JF: It is political to name and make visible those wider contexts that support problems. I also think it is political to ask people who come for help to observe or reflect on supervision processes. It is political to consult people when they are filling out their insurance forms, so that they get what is rightfully theirs and also have a voice in what is recorded about them. These practices are all part of my work. I have worked a lot consulting in organisations for people who have contracted HIV. One of the political aspect that evolved in one of these agencies is for residents to be part of the admission and orientation process. This way, the local knowledge of residents is acknowledged and utilized.
TM: I like the way you emphasize practical work. It makes the ordinar become somehow extraordinar and significant. It reminds me of how Ray Wendel...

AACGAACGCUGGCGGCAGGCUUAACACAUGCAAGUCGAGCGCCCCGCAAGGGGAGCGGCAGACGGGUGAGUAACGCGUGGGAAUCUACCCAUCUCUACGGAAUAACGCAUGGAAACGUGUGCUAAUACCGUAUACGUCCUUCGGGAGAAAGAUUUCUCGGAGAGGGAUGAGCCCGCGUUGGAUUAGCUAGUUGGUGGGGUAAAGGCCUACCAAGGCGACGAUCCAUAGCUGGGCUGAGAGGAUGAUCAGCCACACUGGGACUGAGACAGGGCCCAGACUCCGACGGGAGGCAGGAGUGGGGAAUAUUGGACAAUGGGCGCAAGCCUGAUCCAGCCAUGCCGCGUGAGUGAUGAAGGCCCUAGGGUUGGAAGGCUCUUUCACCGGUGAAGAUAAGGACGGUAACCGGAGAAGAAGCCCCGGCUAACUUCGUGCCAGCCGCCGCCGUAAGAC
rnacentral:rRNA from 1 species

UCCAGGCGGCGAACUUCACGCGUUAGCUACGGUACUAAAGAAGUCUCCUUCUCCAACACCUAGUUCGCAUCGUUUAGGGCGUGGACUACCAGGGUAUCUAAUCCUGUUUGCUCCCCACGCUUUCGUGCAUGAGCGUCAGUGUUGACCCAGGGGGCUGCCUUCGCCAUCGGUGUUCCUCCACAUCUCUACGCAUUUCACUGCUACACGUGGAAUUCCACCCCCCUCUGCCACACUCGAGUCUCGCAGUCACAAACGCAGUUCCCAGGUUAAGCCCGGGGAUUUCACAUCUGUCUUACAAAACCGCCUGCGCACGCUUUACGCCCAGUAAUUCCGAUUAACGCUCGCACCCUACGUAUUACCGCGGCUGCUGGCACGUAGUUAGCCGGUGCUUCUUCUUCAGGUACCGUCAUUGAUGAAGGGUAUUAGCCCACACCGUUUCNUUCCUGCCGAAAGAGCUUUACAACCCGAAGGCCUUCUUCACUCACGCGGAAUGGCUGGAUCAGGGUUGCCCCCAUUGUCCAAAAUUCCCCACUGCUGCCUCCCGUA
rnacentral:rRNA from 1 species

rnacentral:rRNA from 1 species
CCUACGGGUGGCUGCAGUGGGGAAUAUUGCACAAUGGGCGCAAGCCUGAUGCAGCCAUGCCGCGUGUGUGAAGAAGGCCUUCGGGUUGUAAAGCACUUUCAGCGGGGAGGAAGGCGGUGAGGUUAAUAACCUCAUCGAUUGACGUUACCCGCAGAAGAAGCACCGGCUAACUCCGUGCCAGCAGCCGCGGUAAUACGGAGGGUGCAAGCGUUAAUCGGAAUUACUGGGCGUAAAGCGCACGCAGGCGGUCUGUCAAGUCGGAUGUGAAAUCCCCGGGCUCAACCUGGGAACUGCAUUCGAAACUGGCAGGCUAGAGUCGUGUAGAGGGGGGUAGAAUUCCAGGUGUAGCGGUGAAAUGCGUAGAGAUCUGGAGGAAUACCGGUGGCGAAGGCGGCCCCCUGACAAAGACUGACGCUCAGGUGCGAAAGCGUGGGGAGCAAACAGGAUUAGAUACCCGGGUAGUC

JF: Wendel Ray?
TM: Yes, that's right, Wendel Ray! He used to say that good practice is theory lived through and good theory is practice lived through. [laugther]
JF: There is something I am thinking of, that I probably should have said right at the beginning.
TM: Go ahead!
JF: Practically everything I have learned so far as a teacher is a result of my cooperation with my partner Gene Combs. I talk about myself in the singular, but I do not believe I would be here without him. It has been a true partnership, meaning that we have constantly been able to discuss things, figure them out together and try new ideas..